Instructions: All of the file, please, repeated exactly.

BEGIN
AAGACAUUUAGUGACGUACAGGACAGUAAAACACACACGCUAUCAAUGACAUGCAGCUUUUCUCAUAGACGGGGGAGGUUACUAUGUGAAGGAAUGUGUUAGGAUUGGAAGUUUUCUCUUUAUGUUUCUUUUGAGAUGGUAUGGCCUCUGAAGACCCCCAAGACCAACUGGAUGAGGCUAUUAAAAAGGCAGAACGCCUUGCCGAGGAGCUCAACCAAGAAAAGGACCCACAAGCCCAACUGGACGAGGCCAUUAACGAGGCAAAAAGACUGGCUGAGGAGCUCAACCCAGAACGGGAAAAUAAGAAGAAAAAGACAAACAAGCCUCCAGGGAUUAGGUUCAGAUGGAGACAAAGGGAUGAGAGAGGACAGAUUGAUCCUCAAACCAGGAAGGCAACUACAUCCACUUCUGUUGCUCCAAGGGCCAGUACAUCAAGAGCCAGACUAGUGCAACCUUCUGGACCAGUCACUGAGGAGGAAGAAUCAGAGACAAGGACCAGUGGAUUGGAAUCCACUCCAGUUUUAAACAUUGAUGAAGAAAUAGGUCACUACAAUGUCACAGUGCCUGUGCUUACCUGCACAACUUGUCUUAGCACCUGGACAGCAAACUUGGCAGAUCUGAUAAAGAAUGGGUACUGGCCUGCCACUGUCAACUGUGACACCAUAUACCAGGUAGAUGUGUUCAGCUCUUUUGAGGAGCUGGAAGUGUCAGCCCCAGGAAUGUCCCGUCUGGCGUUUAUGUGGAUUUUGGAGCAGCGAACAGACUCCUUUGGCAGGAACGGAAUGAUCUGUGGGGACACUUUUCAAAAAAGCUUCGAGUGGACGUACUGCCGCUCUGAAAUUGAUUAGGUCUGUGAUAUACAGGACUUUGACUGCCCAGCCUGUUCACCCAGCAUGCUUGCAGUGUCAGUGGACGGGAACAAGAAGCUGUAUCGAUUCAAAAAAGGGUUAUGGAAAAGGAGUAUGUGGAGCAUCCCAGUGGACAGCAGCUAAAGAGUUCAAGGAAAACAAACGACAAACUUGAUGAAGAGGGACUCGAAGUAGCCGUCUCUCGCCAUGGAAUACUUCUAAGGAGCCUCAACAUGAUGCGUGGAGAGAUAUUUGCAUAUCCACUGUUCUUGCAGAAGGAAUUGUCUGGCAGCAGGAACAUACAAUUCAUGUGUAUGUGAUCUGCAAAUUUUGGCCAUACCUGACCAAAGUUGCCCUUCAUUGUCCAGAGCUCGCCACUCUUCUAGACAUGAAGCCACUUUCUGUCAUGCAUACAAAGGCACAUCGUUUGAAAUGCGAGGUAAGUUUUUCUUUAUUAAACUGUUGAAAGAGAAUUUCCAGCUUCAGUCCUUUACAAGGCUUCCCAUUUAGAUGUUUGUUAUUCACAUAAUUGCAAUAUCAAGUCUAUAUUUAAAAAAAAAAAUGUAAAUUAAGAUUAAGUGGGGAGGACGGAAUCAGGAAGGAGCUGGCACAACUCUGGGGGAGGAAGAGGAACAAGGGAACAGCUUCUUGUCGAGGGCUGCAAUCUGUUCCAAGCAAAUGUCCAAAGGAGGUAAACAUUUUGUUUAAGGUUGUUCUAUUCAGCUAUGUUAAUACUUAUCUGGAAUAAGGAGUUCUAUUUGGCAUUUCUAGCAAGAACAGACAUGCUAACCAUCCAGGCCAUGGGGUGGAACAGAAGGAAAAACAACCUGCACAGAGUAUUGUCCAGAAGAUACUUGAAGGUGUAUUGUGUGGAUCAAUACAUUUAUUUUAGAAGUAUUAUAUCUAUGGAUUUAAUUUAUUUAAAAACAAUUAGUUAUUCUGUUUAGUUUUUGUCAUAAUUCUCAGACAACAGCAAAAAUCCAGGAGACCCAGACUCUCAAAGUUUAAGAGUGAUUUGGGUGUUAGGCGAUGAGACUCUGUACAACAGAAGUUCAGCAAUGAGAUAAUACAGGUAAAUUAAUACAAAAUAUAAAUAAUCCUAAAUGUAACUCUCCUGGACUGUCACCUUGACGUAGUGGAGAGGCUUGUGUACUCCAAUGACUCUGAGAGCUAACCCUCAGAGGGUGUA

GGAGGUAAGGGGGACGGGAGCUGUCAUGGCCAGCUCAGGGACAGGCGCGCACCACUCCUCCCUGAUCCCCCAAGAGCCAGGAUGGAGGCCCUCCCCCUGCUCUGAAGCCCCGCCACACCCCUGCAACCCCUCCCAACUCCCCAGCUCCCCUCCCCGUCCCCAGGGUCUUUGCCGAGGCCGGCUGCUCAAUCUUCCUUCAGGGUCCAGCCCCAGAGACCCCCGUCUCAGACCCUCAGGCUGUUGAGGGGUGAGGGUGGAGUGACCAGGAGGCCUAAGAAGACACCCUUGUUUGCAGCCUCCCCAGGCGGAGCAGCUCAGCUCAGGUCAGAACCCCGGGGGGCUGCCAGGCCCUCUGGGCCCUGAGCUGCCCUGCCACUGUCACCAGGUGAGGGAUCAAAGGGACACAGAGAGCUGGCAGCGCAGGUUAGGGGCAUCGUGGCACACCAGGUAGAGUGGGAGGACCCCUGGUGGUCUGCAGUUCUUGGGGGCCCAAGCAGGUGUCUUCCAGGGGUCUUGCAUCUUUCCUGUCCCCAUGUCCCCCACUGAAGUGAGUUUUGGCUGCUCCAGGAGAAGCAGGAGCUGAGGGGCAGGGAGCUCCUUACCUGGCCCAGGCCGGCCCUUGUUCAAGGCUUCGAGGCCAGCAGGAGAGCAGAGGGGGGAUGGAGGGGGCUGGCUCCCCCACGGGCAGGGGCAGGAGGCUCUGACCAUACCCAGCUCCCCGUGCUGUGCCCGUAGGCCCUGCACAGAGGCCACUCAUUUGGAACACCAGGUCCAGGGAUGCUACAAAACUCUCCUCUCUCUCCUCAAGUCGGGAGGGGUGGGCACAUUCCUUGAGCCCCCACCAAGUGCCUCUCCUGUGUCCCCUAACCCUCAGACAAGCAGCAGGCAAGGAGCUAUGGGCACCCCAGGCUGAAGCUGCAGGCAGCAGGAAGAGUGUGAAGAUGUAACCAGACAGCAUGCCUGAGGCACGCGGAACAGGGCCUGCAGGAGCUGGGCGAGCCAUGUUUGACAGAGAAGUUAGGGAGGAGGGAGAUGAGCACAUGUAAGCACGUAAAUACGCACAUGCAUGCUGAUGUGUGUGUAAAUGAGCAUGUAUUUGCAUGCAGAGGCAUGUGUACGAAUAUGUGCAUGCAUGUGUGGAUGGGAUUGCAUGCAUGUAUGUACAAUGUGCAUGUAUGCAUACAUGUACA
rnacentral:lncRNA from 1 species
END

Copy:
AAGACAUUUAGUGACGUACAGGACAGUAAAACACACACGCUAUCAAUGACAUGCAGCUUUUCUCAUAGACGGGGGAGGUUACUAUGUGAAGGAAUGUGUUAGGAUUGGAAGUUUUCUCUUUAUGUUUCUUUUGAGAUGGUAUGGCCUCUGAAGACCCCCAAGACCAACUGGAUGAGGCUAUUAAAAAGGCAGAACGCCUUGCCGAGGAGCUCAACCAAGAAAAGGACCCACAAGCCCAACUGGACGAGGCCAUUAACGAGGCAAAAAGACUGGCUGAGGAGCUCAACCCAGAACGGGAAAAUAAGAAGAAAAAGACAAACAAGCCUCCAGGGAUUAGGUUCAGAUGGAGACAAAGGGAUGAGAGAGGACAGAUUGAUCCUCAAACCAGGAAGGCAACUACAUCCACUUCUGUUGCUCCAAGGGCCAGUACAUCAAGAGCCAGACUAGUGCAACCUUCUGGACCAGUCACUGAGGAGGAAGAAUCAGAGACAAGGACCAGUGGAUUGGAAUCCACUCCAGUUUUAAACAUUGAUGAAGAAAUAGGUCACUACAAUGUCACAGUGCCUGUGCUUACCUGCACAACUUGUCUUAGCACCUGGACAGCAAACUUGGCAGAUCUGAUAAAGAAUGGGUACUGGCCUGCCACUGUCAACUGUGACACCAUAUACCAGGUAGAUGUGUUCAGCUCUUUUGAGGAGCUGGAAGUGUCAGCCCCAGGAAUGUCCCGUCUGGCGUUUAUGUGGAUUUUGGAGCAGCGAACAGACUCCUUUGGCAGGAACGGAAUGAUCUGUGGGGACACUUUUCAAAAAAGCUUCGAGUGGACGUACUGCCGCUCUGAAAUUGAUUAGGUCUGUGAUAUACAGGACUUUGACUGCCCAGCCUGUUCACCCAGCAUGCUUGCAGUGUCAGUGGACGGGAACAAGAAGCUGUAUCGAUUCAAAAAAGGGUUAUGGAAAAGGAGUAUGUGGAGCAUCCCAGUGGACAGCAGCUAAAGAGUUCAAGGAAAACAAACGACAAACUUGAUGAAGAGGGACUCGAAGUAGCCGUCUCUCGCCAUGGAAUACUUCUAAGGAGCCUCAACAUGAUGCGUGGAGAGAUAUUUGCAUAUCCACUGUUCUUGCAGAAGGAAUUGUCUGGCAGCAGGAACAUACAAUUCAUGUGUAUGUGAUCUGCAAAUUUUGGCCAUACCUGACCAAAGUUGCCCUUCAUUGUCCAGAGCUCGCCACUCUUCUAGACAUGAAGCCACUUUCUGUCAUGCAUACAAAGGCACAUCGUUUGAAAUGCGAGGUAAGUUUUUCUUUAUUAAACUGUUGAAAGAGAAUUUCCAGCUUCAGUCCUUUACAAGGCUUCCCAUUUAGAUGUUUGUUAUUCACAUAAUUGCAAUAUCAAGUCUAUAUUUAAAAAAAAAAAUGUAAAUUAAGAUUAAGUGGGGAGGACGGAAUCAGGAAGGAGCUGGCACAACUCUGGGGGAGGAAGAGGAACAAGGGAACAGCUUCUUGUCGAGGGCUGCAAUCUGUUCCAAGCAAAUGUCCAAAGGAGGUAAACAUUUUGUUUAAGGUUGUUCUAUUCAGCUAUGUUAAUACUUAUCUGGAAUAAGGAGUUCUAUUUGGCAUUUCUAGCAAGAACAGACAUGCUAACCAUCCAGGCCAUGGGGUGGAACAGAAGGAAAAACAACCUGCACAGAGUAUUGUCCAGAAGAUACUUGAAGGUGUAUUGUGUGGAUCAAUACAUUUAUUUUAGAAGUAUUAUAUCUAUGGAUUUAAUUUAUUUAAAAACAAUUAGUUAUUCUGUUUAGUUUUUGUCAUAAUUCUCAGACAACAGCAAAAAUCCAGGAGACCCAGACUCUCAAAGUUUAAGAGUGAUUUGGGUGUUAGGCGAUGAGACUCUGUACAACAGAAGUUCAGCAAUGAGAUAAUACAGGUAAAUUAAUACAAAAUAUAAAUAAUCCUAAAUGUAACUCUCCUGGACUGUCACCUUGACGUAGUGGAGAGGCUUGUGUACUCCAAUGACUCUGAGAGCUAACCCUCAGAGGGUGUA

GGAGGUAAGGGGGACGGGAGCUGUCAUGGCCAGCUCAGGGACAGGCGCGCACCACUCCUCCCUGAUCCCCCAAGAGCCAGGAUGGAGGCCCUCCCCCUGCUCUGAAGCCCCGCCACACCCCUGCAACCCCUCCCAACUCCCCAGCUCCCCUCCCCGUCCCCAGGGUCUUUGCCGAGGCCGGCUGCUCAAUCUUCCUUCAGGGUCCAGCCCCAGAGACCCCCGUCUCAGACCCUCAGGCUGUUGAGGGGUGAGGGUGGAGUGACCAGGAGGCCUAAGAAGACACCCUUGUUUGCAGCCUCCCCAGGCGGAGCAGCUCAGCUCAGGUCAGAACCCCGGGGGGCUGCCAGGCCCUCUGGGCCCUGAGCUGCCCUGCCACUGUCACCAGGUGAGGGAUCAAAGGGACACAGAGAGCUGGCAGCGCAGGUUAGGGGCAUCGUGGCACACCAGGUAGAGUGGGAGGACCCCUGGUGGUCUGCAGUUCUUGGGGGCCCAAGCAGGUGUCUUCCAGGGGUCUUGCAUCUUUCCUGUCCCCAUGUCCCCCACUGAAGUGAGUUUUGGCUGCUCCAGGAGAAGCAGGAGCUGAGGGGCAGGGAGCUCCUUACCUGGCCCAGGCCGGCCCUUGUUCAAGGCUUCGAGGCCAGCAGGAGAGCAGAGGGGGGAUGGAGGGGGCUGGCUCCCCCACGGGCAGGGGCAGGAGGCUCUGACCAUACCCAGCUCCCCGUGCUGUGCCCGUAGGCCCUGCACAGAGGCCACUCAUUUGGAACACCAGGUCCAGGGAUGCUACAAAACUCUCCUCUCUCUCCUCAAGUCGGGAGGGGUGGGCACAUUCCUUGAGCCCCCACCAAGUGCCUCUCCUGUGUCCCCUAACCCUCAGACAAGCAGCAGGCAAGGAGCUAUGGGCACCCCAGGCUGAAGCUGCAGGCAGCAGGAAGAGUGUGAAGAUGUAACCAGACAGCAUGCCUGAGGCACGCGGAACAGGGCCUGCAGGAGCUGGGCGAGCCAUGUUUGACAGAGAAGUUAGGGAGGAGGGAGAUGAGCACAUGUAAGCACGUAAAUACGCACAUGCAUGCUGAUGUGUGUGUAAAUGAGCAUGUAUUUGCAUGCAGAGGCAUGUGUACGAAUAUGUGCAUGCAUGUGUGGAUGGGAUUGCAUGCAUGUAUGUACAAUGUGCAUGUAUGCAUACAUGUACA
rnacentral:lncRNA from 1 species